The Doctors & The Black Man
In the '50's, there were no blacks living in Rector. Come to think of it, weren't no Mexicans either . . . nor orientals . . . just poor white folks. Farmers mostly, hard working, of highest integrity, church going, fun loving, hard working, bill paying (when they could, but, it most generally would get paid . . Did I mention they were hard working?
Farmers generally raised pretty good sized families, mostly because they needed the free labor. Had they enough education to figure out what that free labor was a costin' they mighta' raised smaller families.
But, I'm gettin' off my story.
There were two doctors in town that I remember. I did not experience this story, but, I can sure relate to it. I heard my Daddy tell it many times. But, back in them days, white folk didn't tolerate black folk. No siree bob! They might allow one to come in and buy food 'n such, but that was all!
Well, one day this here black gentleman came into town and kinda of liked what he saw, and decided he'd just set down roots. When the news got back to the two kindly doctors, they sent the man a message. It went something like this; "If you're not out of town by 5:00, we'll run you out with shotguns!
Well that old black gentleman thought it over and, (I guess . . .), figured they were trying to bluff him out. But what the hey? This is A.M.E.R.I.C.A.! We've been liberated! We don't have to take no back seat to nobody! I'm sure lines similar to these ran through his head.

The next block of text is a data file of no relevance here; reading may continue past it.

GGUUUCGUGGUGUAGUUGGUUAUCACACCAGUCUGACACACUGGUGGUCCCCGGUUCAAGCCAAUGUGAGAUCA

Sure enough, when 5:00 rolled around, the old black man was still in town! But he wouldn't be long! He was walked right out of Rector, right down Main St., with a doctor walking on each side of him, and both were toting 12 gauge shotguns!
Right down Main St, the doctors of the town, one on each side, with a 12 gauge shotgun, ushered him out of town. The local Police Department drove behind them, and when the man was safely out of town, gave the good doctors a ride home. But, they did their job: they saved the life of that good old man.
Must have been a peculiar sight . . . a black man walking down Main St, with the two town doctors, each with a shotgun, oblivious to traffic, people or their stares, and cops riding in the squad car close behind.
Nowadays you see all nationalities. But back then, weren't no blacks allowed in Rector . . . But in 2014 I was in Rector spending some time in the great little museum there when I came across a very brief mention in an article which mentioned Nigger Mose.
"Who was Nigger Mose" I asked.
"Well," the old timer started, then paused long enough to to deftly stow the wad of Redman in his jaw. He took a long breath as if to start the long story. "You see, there was this ex-slave that acquired a bit of work around one the well-to-does of early Rector and just kind of stuck round. Never had no kids and don't recollect any family. Never even had a name - said every body just called him Nigger Mose."
"Where'd he come from?"
"How old was he? Where is his kin? Where'd he go?
"Don't know that either."
"Sure doesn't know much does he?" I thought to myself as I pondered the precious little information I'd acquired.
"Well," the old timer said with a drawl. "Guess it's time for me to 'go-to-the-house." He worked his way up from the old well-worn bench on shaded size of the park, hitched up his drawers to the correct place for walkin', and turned toward the tracks.
I sat watching the old timer as he walked slowly along the old park rail. He had a hitch in his git-along from a long life of hard work in the fields eeking out a living from the red clay in the bottoms of the St. Francis river. And that is all I ever heard of Nigger Mose. Even none of my uncles knew anything about him.